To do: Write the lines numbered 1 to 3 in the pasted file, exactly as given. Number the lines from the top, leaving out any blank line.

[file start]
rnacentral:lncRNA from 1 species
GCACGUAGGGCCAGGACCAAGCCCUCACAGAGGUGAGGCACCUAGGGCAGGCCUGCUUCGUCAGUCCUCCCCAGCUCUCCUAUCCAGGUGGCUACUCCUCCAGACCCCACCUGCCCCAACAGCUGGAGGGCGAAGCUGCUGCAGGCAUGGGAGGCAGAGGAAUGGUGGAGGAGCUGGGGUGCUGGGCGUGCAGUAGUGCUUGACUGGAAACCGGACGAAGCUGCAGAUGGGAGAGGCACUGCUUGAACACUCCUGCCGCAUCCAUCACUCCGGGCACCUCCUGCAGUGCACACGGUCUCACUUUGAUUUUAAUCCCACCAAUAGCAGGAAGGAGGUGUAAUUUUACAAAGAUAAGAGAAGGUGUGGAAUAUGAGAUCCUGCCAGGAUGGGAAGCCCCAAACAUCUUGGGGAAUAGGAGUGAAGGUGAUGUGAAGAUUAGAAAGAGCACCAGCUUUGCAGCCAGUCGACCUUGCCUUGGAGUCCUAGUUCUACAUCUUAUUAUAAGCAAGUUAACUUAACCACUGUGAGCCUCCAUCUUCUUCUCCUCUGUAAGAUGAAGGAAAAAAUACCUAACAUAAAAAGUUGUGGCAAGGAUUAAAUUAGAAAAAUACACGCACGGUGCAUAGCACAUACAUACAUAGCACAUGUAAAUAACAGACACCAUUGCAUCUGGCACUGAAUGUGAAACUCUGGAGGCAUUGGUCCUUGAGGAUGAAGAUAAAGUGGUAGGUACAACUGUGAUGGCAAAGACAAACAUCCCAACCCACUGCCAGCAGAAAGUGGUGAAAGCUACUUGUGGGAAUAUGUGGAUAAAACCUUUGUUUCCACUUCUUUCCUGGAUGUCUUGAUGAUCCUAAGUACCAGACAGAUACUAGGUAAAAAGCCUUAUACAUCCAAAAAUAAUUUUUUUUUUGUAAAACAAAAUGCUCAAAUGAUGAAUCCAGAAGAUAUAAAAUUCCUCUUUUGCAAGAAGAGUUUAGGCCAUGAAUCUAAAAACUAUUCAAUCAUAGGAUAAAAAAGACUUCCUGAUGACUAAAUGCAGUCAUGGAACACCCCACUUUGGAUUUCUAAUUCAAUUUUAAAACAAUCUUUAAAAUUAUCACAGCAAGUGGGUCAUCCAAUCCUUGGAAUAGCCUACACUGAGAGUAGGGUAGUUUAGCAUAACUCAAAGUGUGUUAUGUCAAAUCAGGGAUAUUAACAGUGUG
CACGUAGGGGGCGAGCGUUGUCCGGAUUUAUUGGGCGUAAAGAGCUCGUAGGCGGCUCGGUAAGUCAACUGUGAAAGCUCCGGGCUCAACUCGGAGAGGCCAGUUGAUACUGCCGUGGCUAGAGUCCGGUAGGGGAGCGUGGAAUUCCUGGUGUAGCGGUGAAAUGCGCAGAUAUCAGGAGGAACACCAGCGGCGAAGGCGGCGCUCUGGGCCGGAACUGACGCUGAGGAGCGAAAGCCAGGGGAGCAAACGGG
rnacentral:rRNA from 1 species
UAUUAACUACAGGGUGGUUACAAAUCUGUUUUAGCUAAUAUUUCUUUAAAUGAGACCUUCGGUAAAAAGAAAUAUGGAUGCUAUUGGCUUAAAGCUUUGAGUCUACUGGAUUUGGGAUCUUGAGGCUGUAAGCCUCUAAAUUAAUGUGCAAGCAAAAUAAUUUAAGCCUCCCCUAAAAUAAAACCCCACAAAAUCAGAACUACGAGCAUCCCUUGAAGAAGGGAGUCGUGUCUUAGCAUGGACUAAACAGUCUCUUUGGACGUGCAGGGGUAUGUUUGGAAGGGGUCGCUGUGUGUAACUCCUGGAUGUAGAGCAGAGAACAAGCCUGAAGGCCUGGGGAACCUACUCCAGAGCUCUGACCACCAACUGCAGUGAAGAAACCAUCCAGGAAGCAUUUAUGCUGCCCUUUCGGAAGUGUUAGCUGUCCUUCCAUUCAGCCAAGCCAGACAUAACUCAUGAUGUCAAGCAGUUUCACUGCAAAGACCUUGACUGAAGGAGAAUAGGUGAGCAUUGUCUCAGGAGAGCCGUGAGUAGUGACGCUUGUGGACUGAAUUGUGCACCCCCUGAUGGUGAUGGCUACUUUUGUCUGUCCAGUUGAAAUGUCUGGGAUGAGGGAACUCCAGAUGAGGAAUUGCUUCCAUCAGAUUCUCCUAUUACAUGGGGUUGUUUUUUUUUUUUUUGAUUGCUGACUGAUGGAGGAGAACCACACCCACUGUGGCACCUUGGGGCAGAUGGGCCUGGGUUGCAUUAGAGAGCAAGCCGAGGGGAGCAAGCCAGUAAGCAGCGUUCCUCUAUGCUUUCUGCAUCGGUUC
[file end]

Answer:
rnacentral:lncRNA from 1 species
GCACGUAGGGCCAGGACCAAGCCCUCACAGAGGUGAGGCACCUAGGGCAGGCCUGCUUCGUCAGUCCUCCCCAGCUCUCCUAUCCAGGUGGCUACUCCUCCAGACCCCACCUGCCCCAACAGCUGGAGGGCGAAGCUGCUGCAGGCAUGGGAGGCAGAGGAAUGGUGGAGGAGCUGGGGUGCUGGGCGUGCAGUAGUGCUUGACUGGAAACCGGACGAAGCUGCAGAUGGGAGAGGCACUGCUUGAACACUCCUGCCGCAUCCAUCACUCCGGGCACCUCCUGCAGUGCACACGGUCUCACUUUGAUUUUAAUCCCACCAAUAGCAGGAAGGAGGUGUAAUUUUACAAAGAUAAGAGAAGGUGUGGAAUAUGAGAUCCUGCCAGGAUGGGAAGCCCCAAACAUCUUGGGGAAUAGGAGUGAAGGUGAUGUGAAGAUUAGAAAGAGCACCAGCUUUGCAGCCAGUCGACCUUGCCUUGGAGUCCUAGUUCUACAUCUUAUUAUAAGCAAGUUAACUUAACCACUGUGAGCCUCCAUCUUCUUCUCCUCUGUAAGAUGAAGGAAAAAAUACCUAACAUAAAAAGUUGUGGCAAGGAUUAAAUUAGAAAAAUACACGCACGGUGCAUAGCACAUACAUACAUAGCACAUGUAAAUAACAGACACCAUUGCAUCUGGCACUGAAUGUGAAACUCUGGAGGCAUUGGUCCUUGAGGAUGAAGAUAAAGUGGUAGGUACAACUGUGAUGGCAAAGACAAACAUCCCAACCCACUGCCAGCAGAAAGUGGUGAAAGCUACUUGUGGGAAUAUGUGGAUAAAACCUUUGUUUCCACUUCUUUCCUGGAUGUCUUGAUGAUCCUAAGUACCAGACAGAUACUAGGUAAAAAGCCUUAUACAUCCAAAAAUAAUUUUUUUUUUGUAAAACAAAAUGCUCAAAUGAUGAAUCCAGAAGAUAUAAAAUUCCUCUUUUGCAAGAAGAGUUUAGGCCAUGAAUCUAAAAACUAUUCAAUCAUAGGAUAAAAAAGACUUCCUGAUGACUAAAUGCAGUCAUGGAACACCCCACUUUGGAUUUCUAAUUCAAUUUUAAAACAAUCUUUAAAAUUAUCACAGCAAGUGGGUCAUCCAAUCCUUGGAAUAGCCUACACUGAGAGUAGGGUAGUUUAGCAUAACUCAAAGUGUGUUAUGUCAAAUCAGGGAUAUUAACAGUGUG
CACGUAGGGGGCGAGCGUUGUCCGGAUUUAUUGGGCGUAAAGAGCUCGUAGGCGGCUCGGUAAGUCAACUGUGAAAGCUCCGGGCUCAACUCGGAGAGGCCAGUUGAUACUGCCGUGGCUAGAGUCCGGUAGGGGAGCGUGGAAUUCCUGGUGUAGCGGUGAAAUGCGCAGAUAUCAGGAGGAACACCAGCGGCGAAGGCGGCGCUCUGGGCCGGAACUGACGCUGAGGAGCGAAAGCCAGGGGAGCAAACGGG